A comparative look at captive treatment

Lessons can be learned from the British hostage debacle.

Ramla Bile

The recent tiff between Britain and Iran calls for increased cooperation regarding maritime standards. The situation is indicative of Western hypocrisy regarding military provocation and the treatment of captives.

Regardless of whether the sailors and marines were within the maritime standard Britain accepts, it’s safe to suggest that 1.7 miles of a supposedly enemy state is close enough to exist as a threat. If the same incident occurred in the United Kingdom or the United States, leaders and citizens alike would be in uproar. Suppose an Iranian ship, specifically, a highly militarized one such as the H.M.S. Cornwall was floating 1.7 miles from U.S. territory. Such an offensive act would warrant an aggressive response. Furthermore, it should not be left to Britain and the United States to identify what is “Iranian water.” This decision should be left for the nations in question and the international community to determine.

Apart from the politics of maritime legalities, we must examine the impact of human suffering. For anyone who is fortunate enough to not have to endure the apprehension of fearing for life, the trauma that must result from captivity in a foreign land is perhaps underestimated. It’s unfortunate that these 15 individuals were subject to the treatment they faced, but this situation also presents an excellent opportunity for reflection. The images that were televised show the hostages meeting and exchanging words with President Mahmoud Ahmadinejad and having tea. It couldn’t be more obvious that this was all a PR stunt to boost Iran’s moral standing in the global community. No one is convinced that this was “just a compulsory vacation,” as conveyed by Ahmadinejad.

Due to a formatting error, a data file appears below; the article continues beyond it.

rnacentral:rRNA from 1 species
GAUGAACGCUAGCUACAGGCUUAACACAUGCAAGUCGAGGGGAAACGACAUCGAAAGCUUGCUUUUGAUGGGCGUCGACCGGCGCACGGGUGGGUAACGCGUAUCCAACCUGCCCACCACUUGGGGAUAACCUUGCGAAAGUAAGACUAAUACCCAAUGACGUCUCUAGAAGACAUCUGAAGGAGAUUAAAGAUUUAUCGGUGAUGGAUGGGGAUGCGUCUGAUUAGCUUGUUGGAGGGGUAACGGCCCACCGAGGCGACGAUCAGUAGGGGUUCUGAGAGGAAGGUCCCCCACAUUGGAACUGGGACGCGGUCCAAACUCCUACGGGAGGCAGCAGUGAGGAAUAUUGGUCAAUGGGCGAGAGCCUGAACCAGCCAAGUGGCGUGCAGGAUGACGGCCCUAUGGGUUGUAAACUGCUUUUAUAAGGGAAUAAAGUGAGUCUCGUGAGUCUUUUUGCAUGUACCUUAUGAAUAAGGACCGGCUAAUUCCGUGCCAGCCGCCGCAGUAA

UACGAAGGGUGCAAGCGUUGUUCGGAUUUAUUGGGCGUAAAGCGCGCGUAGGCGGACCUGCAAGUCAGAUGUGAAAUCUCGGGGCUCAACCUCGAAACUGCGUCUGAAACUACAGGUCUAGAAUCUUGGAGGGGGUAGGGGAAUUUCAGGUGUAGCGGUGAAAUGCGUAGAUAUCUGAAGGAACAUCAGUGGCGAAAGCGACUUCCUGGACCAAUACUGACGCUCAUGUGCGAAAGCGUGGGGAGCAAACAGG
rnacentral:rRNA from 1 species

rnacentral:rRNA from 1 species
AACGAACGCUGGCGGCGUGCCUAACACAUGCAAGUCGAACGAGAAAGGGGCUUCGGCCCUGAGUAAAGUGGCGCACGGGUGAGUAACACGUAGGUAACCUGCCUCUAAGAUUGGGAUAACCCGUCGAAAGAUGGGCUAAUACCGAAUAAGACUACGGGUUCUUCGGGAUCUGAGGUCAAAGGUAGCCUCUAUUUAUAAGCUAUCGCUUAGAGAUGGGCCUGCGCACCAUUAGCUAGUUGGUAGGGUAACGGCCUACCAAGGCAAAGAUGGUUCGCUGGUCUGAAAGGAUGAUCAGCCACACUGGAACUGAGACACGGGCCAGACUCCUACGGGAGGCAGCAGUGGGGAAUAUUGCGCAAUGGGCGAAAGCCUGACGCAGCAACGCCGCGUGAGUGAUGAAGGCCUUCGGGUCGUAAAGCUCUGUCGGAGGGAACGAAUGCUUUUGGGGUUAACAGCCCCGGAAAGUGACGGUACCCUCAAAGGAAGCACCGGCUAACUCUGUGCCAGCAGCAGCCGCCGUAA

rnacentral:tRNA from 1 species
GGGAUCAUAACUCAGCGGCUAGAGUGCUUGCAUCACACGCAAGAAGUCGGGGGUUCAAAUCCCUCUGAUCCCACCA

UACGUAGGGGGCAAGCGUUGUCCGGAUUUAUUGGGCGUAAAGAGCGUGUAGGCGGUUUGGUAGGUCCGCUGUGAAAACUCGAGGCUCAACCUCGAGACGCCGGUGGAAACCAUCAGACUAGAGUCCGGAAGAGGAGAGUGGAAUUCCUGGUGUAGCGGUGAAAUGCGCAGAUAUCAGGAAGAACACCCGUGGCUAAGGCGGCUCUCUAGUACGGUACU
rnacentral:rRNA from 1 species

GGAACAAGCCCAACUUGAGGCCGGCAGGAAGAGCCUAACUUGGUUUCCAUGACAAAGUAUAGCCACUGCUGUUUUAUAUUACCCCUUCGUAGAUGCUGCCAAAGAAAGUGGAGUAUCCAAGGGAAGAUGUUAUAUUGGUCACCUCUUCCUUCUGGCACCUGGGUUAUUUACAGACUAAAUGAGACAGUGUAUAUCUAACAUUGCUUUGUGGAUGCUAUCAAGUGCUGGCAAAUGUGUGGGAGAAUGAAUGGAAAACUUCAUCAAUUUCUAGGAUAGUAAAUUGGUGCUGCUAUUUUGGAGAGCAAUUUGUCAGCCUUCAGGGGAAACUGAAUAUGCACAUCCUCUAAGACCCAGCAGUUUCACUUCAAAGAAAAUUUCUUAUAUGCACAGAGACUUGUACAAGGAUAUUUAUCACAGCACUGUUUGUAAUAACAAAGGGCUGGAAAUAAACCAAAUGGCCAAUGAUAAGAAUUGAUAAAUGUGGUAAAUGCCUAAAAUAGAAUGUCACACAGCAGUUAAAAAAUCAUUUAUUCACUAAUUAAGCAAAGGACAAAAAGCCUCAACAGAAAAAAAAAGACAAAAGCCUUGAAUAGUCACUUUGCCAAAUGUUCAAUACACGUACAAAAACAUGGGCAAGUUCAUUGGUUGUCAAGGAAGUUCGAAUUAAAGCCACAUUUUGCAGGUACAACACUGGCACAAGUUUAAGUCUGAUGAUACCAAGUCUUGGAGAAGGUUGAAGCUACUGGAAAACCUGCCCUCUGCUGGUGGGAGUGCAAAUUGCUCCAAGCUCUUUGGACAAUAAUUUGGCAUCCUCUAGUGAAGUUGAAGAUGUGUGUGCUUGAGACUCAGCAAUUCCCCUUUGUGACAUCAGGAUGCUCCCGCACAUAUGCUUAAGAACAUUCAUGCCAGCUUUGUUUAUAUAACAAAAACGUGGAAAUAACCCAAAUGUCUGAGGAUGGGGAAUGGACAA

However, it’s evident that the situation presents a stark contrast to the treatment of individuals that are held captive by our very own country. The mere thought of President George W. Bush meeting with the detained individuals before sending them home with gifts is both inconceivable and laughable. It is, after all, the United States that actively condone and even mandate torture and secret detention centers.

In fact, Guantanamo’s conditions continue to worsen while more detention centers are opening across the globe. Ethiopia, the new epicenter for fighting the war on terror, is now home to an influx of “al-Qaida suspects” from Somalia who face interrogation by U.S. agents. In a statement by Human Rights Watch, the organization fears not only mistreatment for those detained, but also harsh conditions and execution under Ethiopian detention. In Guantanamo, there is yet another hunger strike, leaving us to question what types of conditions must exist for people to attempt suicide or starve themselves to the point of being force-fed.

Given the reality of the treatment that others face, our leaders are not in a position to dictate positions or make demands they themselves do not honor. The actions of this administration continue to erode the credibility of America in the global sphere, and this introduces a threat to citizens. Fortunately, the situation of the British hostages ended well, but for the sake of protecting its own citizens, the United States and the United Kingdom must change their existing policies regarding the treatment of those detained. Conversely, there is a burden on the citizens of these states to demand more.

The story that was perhaps missed in this controversy is the extent to which Iranians were vocal when it came to demanding the freedom of the hostages. It’s easy to assume that states represent peoples, but societies are more complex than they are portrayed on the news. In this moment of anxiety, the Iranian people pulled through. When it comes to the corrupt policies of the United States and the United Kingdom, let us hope that the same observations can be made with British and American citizens.

Ramla Bile welcomes comments at [email protected]